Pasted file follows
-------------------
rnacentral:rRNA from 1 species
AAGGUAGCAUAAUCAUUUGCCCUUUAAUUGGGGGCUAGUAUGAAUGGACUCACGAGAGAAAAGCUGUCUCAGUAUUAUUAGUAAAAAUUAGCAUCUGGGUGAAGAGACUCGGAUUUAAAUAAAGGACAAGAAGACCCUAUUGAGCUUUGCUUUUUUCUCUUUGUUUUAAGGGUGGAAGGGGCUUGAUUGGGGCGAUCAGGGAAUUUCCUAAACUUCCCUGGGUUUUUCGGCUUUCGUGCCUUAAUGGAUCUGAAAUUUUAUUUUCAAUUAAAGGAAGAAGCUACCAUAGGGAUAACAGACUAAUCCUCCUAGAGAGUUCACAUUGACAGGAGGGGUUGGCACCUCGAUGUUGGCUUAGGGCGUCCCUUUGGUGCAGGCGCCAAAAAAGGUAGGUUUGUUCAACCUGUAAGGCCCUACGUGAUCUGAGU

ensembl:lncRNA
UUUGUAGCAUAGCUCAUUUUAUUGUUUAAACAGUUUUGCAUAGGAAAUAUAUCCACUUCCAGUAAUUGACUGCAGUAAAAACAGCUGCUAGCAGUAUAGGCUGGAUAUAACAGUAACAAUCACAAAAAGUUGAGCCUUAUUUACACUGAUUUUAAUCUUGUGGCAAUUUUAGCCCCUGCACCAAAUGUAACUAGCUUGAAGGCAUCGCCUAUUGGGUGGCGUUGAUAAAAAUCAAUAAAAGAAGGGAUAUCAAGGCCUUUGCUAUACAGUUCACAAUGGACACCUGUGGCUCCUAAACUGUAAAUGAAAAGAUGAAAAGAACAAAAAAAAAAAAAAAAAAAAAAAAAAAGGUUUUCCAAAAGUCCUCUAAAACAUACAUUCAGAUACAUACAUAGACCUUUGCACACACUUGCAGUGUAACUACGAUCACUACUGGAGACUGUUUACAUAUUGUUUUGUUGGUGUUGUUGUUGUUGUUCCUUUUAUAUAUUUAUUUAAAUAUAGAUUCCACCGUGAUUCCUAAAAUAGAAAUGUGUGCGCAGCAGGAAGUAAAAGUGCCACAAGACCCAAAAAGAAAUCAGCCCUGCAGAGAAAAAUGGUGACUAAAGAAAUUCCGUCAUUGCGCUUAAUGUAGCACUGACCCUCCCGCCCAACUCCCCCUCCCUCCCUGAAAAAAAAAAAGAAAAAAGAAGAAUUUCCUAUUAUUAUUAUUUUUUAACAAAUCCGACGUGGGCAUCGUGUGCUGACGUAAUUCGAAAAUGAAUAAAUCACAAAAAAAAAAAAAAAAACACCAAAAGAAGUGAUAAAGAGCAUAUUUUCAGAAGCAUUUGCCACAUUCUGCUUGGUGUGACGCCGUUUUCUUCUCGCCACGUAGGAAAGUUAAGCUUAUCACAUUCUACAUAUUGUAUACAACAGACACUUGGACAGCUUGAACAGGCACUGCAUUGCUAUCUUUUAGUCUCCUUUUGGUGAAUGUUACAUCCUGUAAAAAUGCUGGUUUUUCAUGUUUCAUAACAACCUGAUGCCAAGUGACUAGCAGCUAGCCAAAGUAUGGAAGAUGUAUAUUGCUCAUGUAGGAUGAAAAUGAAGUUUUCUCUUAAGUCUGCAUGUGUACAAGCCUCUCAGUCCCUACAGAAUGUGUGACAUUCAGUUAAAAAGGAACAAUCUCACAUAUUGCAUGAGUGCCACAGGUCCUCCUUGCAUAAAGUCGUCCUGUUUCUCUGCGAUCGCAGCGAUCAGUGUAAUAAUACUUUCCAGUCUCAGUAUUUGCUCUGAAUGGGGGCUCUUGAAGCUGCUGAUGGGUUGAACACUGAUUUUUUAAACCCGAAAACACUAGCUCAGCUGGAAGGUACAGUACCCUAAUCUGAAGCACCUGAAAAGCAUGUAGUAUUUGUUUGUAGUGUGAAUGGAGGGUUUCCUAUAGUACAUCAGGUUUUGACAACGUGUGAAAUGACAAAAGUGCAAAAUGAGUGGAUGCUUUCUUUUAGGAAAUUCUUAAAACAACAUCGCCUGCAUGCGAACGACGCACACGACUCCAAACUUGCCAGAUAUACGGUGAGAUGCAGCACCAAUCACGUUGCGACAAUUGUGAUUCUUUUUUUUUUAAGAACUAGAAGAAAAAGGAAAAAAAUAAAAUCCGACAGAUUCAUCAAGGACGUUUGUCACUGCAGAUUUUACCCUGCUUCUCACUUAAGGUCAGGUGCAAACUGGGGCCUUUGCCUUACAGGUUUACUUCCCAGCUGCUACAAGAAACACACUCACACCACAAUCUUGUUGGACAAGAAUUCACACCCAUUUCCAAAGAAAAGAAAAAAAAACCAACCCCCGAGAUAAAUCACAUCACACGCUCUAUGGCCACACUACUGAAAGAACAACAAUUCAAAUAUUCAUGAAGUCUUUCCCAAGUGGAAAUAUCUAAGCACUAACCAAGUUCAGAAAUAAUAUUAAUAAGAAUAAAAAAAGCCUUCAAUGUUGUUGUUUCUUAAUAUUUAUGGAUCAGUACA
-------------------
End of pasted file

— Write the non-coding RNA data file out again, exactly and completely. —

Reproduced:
rnacentral:rRNA from 1 species
AAGGUAGCAUAAUCAUUUGCCCUUUAAUUGGGGGCUAGUAUGAAUGGACUCACGAGAGAAAAGCUGUCUCAGUAUUAUUAGUAAAAAUUAGCAUCUGGGUGAAGAGACUCGGAUUUAAAUAAAGGACAAGAAGACCCUAUUGAGCUUUGCUUUUUUCUCUUUGUUUUAAGGGUGGAAGGGGCUUGAUUGGGGCGAUCAGGGAAUUUCCUAAACUUCCCUGGGUUUUUCGGCUUUCGUGCCUUAAUGGAUCUGAAAUUUUAUUUUCAAUUAAAGGAAGAAGCUACCAUAGGGAUAACAGACUAAUCCUCCUAGAGAGUUCACAUUGACAGGAGGGGUUGGCACCUCGAUGUUGGCUUAGGGCGUCCCUUUGGUGCAGGCGCCAAAAAAGGUAGGUUUGUUCAACCUGUAAGGCCCUACGUGAUCUGAGU

ensembl:lncRNA
UUUGUAGCAUAGCUCAUUUUAUUGUUUAAACAGUUUUGCAUAGGAAAUAUAUCCACUUCCAGUAAUUGACUGCAGUAAAAACAGCUGCUAGCAGUAUAGGCUGGAUAUAACAGUAACAAUCACAAAAAGUUGAGCCUUAUUUACACUGAUUUUAAUCUUGUGGCAAUUUUAGCCCCUGCACCAAAUGUAACUAGCUUGAAGGCAUCGCCUAUUGGGUGGCGUUGAUAAAAAUCAAUAAAAGAAGGGAUAUCAAGGCCUUUGCUAUACAGUUCACAAUGGACACCUGUGGCUCCUAAACUGUAAAUGAAAAGAUGAAAAGAACAAAAAAAAAAAAAAAAAAAAAAAAAAAGGUUUUCCAAAAGUCCUCUAAAACAUACAUUCAGAUACAUACAUAGACCUUUGCACACACUUGCAGUGUAACUACGAUCACUACUGGAGACUGUUUACAUAUUGUUUUGUUGGUGUUGUUGUUGUUGUUCCUUUUAUAUAUUUAUUUAAAUAUAGAUUCCACCGUGAUUCCUAAAAUAGAAAUGUGUGCGCAGCAGGAAGUAAAAGUGCCACAAGACCCAAAAAGAAAUCAGCCCUGCAGAGAAAAAUGGUGACUAAAGAAAUUCCGUCAUUGCGCUUAAUGUAGCACUGACCCUCCCGCCCAACUCCCCCUCCCUCCCUGAAAAAAAAAAAGAAAAAAGAAGAAUUUCCUAUUAUUAUUAUUUUUUAACAAAUCCGACGUGGGCAUCGUGUGCUGACGUAAUUCGAAAAUGAAUAAAUCACAAAAAAAAAAAAAAAAACACCAAAAGAAGUGAUAAAGAGCAUAUUUUCAGAAGCAUUUGCCACAUUCUGCUUGGUGUGACGCCGUUUUCUUCUCGCCACGUAGGAAAGUUAAGCUUAUCACAUUCUACAUAUUGUAUACAACAGACACUUGGACAGCUUGAACAGGCACUGCAUUGCUAUCUUUUAGUCUCCUUUUGGUGAAUGUUACAUCCUGUAAAAAUGCUGGUUUUUCAUGUUUCAUAACAACCUGAUGCCAAGUGACUAGCAGCUAGCCAAAGUAUGGAAGAUGUAUAUUGCUCAUGUAGGAUGAAAAUGAAGUUUUCUCUUAAGUCUGCAUGUGUACAAGCCUCUCAGUCCCUACAGAAUGUGUGACAUUCAGUUAAAAAGGAACAAUCUCACAUAUUGCAUGAGUGCCACAGGUCCUCCUUGCAUAAAGUCGUCCUGUUUCUCUGCGAUCGCAGCGAUCAGUGUAAUAAUACUUUCCAGUCUCAGUAUUUGCUCUGAAUGGGGGCUCUUGAAGCUGCUGAUGGGUUGAACACUGAUUUUUUAAACCCGAAAACACUAGCUCAGCUGGAAGGUACAGUACCCUAAUCUGAAGCACCUGAAAAGCAUGUAGUAUUUGUUUGUAGUGUGAAUGGAGGGUUUCCUAUAGUACAUCAGGUUUUGACAACGUGUGAAAUGACAAAAGUGCAAAAUGAGUGGAUGCUUUCUUUUAGGAAAUUCUUAAAACAACAUCGCCUGCAUGCGAACGACGCACACGACUCCAAACUUGCCAGAUAUACGGUGAGAUGCAGCACCAAUCACGUUGCGACAAUUGUGAUUCUUUUUUUUUUAAGAACUAGAAGAAAAAGGAAAAAAAUAAAAUCCGACAGAUUCAUCAAGGACGUUUGUCACUGCAGAUUUUACCCUGCUUCUCACUUAAGGUCAGGUGCAAACUGGGGCCUUUGCCUUACAGGUUUACUUCCCAGCUGCUACAAGAAACACACUCACACCACAAUCUUGUUGGACAAGAAUUCACACCCAUUUCCAAAGAAAAGAAAAAAAAACCAACCCCCGAGAUAAAUCACAUCACACGCUCUAUGGCCACACUACUGAAAGAACAACAAUUCAAAUAUUCAUGAAGUCUUUCCCAAGUGGAAAUAUCUAAGCACUAACCAAGUUCAGAAAUAAUAUUAAUAAGAAUAAAAAAAGCCUUCAAUGUUGUUGUUUCUUAAUAUUUAUGGAUCAGUACA